The latest issue of Corporate Board Member Magazine provides a slice of life when it comes to the challenges and topics on today’s board agendas. From reputation/crisis management and ESG disclosure to the paradigm shift in shareholder activism, the magazine takes a deep dive into a wide range of hot-button topics. We share three quotes and summaries from just a few of the articles in the Q3 2017 edition:
With new blood in the boardroom, better onboarding must become a priority.
According to Spencer Stuart’s 2016 Board Index, nearly one-third of all new S&P 500 directors were first-time board members (i.e., serving on their first outside corporate board). We also know from a recent episode with Julie Daum, Spencer Stuart’s North American Board Practice Leader, that the number of first-time directors is on an aggressive rise in 2017.
Boards are looking for first-time directors who demonstrate good judgement, intellectual agility, knowledge of technology or digital, and the ability to deal with complexity. [They] are prioritizing directors who are current and who are broader than one discipline and can think strategically as they confront new, ambiguous, and fast-changing marketplace challenges.
The reasons for bringing on new directors are many, the article explains: “…current directors aren’t taking on as many positions, fewer CEOs serve on one or more outside corporate boards, shareholders are looking for new blood, and changing expertise is needed in the boardrooms.”
As fresh faces enter the boardroom, more attention is finally being paid to director onboarding, an area of corporate governance that has been underserved for some time now. This article taps the counsel of various board members and governance professionals to understand what both tenured board members and first-time directors can do to ensure a smooth-as-possible acclimation process.
This issue was also central to our formation of Next Gen Board Leaders, a new community designed to highlight the value of younger (often first-time) directors and to improve the current recruiting and onboarding practices in today’s boardrooms.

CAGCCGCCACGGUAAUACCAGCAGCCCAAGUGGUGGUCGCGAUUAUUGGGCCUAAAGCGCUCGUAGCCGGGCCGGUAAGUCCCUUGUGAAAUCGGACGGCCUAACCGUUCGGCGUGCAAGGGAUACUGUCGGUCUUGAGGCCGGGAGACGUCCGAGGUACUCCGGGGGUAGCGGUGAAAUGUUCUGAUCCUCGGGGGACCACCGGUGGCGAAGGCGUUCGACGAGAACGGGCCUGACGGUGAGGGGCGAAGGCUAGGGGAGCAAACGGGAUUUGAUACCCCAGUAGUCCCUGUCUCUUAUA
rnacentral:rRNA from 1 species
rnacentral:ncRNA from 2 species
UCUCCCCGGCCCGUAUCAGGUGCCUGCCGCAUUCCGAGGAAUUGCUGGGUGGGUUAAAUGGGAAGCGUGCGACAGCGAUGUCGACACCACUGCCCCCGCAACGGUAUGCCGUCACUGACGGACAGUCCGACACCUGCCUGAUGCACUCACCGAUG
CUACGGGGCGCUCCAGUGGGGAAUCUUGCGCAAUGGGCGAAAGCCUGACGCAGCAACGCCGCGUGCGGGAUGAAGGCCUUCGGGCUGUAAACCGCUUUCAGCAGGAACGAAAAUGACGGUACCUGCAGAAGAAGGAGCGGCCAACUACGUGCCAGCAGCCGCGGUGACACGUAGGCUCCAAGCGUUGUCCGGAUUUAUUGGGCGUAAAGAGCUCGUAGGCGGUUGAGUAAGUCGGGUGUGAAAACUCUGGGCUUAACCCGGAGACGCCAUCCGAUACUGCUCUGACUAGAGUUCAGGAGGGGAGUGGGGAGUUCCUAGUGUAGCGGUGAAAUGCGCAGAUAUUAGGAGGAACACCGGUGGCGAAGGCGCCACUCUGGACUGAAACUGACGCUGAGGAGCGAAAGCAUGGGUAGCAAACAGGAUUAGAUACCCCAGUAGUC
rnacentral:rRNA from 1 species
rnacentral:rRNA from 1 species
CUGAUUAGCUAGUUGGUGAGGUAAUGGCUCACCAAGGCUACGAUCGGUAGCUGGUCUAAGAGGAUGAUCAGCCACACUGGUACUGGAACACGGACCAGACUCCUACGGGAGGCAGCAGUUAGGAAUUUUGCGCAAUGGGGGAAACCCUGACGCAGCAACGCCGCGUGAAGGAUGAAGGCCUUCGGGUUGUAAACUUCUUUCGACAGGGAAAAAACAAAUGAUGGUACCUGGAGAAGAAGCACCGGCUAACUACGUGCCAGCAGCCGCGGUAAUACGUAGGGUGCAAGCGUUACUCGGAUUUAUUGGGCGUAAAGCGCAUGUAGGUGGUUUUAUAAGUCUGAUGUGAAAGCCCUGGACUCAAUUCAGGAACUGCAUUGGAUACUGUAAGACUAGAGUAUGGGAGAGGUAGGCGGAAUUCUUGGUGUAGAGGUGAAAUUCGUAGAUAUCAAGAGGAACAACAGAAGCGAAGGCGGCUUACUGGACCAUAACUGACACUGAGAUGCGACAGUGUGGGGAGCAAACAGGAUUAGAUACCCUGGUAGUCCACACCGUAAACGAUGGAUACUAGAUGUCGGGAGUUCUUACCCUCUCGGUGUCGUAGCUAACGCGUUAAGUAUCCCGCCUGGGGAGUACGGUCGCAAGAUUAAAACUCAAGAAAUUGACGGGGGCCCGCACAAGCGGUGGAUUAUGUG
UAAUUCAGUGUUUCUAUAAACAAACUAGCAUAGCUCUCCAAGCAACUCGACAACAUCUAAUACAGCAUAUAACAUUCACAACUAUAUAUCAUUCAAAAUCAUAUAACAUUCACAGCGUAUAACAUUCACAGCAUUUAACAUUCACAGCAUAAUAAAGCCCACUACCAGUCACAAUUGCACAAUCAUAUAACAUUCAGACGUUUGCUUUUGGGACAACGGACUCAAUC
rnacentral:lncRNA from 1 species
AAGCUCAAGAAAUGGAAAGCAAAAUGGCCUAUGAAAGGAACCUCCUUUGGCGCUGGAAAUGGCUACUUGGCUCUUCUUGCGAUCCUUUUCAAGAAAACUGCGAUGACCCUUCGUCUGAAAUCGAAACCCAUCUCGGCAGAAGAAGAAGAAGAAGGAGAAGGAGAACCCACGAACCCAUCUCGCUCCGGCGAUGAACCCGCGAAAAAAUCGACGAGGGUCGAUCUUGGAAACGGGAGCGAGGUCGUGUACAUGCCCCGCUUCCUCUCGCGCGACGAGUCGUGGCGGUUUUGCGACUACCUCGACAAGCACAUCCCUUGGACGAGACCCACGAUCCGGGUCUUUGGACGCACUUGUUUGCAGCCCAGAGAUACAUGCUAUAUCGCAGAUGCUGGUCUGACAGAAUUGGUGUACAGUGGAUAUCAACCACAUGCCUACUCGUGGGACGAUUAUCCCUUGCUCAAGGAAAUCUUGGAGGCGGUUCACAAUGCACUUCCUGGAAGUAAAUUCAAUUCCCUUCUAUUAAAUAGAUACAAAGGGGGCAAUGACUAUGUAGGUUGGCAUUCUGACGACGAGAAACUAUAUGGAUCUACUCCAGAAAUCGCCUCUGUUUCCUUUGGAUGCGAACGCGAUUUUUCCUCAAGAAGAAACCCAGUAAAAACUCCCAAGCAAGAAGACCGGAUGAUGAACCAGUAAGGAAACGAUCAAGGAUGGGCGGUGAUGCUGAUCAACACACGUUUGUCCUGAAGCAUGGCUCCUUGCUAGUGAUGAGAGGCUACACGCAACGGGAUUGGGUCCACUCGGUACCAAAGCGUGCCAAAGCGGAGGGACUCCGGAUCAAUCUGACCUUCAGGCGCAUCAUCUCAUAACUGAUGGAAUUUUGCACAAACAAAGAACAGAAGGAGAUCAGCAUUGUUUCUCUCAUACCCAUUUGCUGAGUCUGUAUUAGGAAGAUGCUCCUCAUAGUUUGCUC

» READ ARTICLE: Getting a Leg Up
Perhaps you recognize a familiar face… This time, the questions are pointed at him.
We have to highlight our own TK Kerstetter, who was featured in this edition of Corporate Board Member Magazine.
In the Q&A article, Kerstetter shares his perspective on everything from shareholder communication to the biggest challenges facing today’s corporate boards. However, the article also takes on a very personal tone, as Kerstetter reflects on his last 30 years spent working with boards and on whether he’s made the kind of impact he hoped for.
I served on a public company board 25-plus years ago, but then was prohibited from doing so due to my employment relationships. When I retired from the New York Stock Exchange, I wanted to serve on a board [again] to see how effective a director I would make after all these years of helping boards. But interestingly, and this is an important point, I fall into a category often referred to as “male, pale, and stale.” In a way, the fact that we are talking about this topic openly is a testament to how hard I’ve worked to make boards more diverse…
Among other questions, Corporate Board Member also asks Kerstetter to roleplay: “If you were an activist and wanted to attack or discredit a board to win seats, what tactics would you employ?” We may be biased, but we think it’s a pretty good read…
» READ ARTICLE: Inside the Boardroom with TK Kerstetter
A record-setting year of say-on-pay approval puts boards at risk for complacency.
The 2017 proxy season saw a significant decline in say-on-pay failure rates, which was true for both the S&P 500 and the Russell 3000 (with 99.1% and 98.7% receiving majority shareholder support, respectively). While this was viewed as a big win across the board, it also poses a danger for any boards that are basking in their high approval numbers.
…when say-on-pay results are strong, I think there is a natural inclination to relax and take some comfort in knowing that the shareholders like the executive pay program…I think the trick is not to let that comfort turn into complacency. After all, the business circumstances that are present one year might not be the same the next year. So, while the “warts” of an executive pay program might get a free pass following a year of good performance, there could be a critical spotlight cast on those same warts following a year of poor performance.
In this article, Meridian Compensation Partners’ Charles Grace highlights the trends and nuances in shareholder voting from one year to the next. He outlines several steps that boards can take to minimize risk and maintain a fresh perspective on their compensation plan.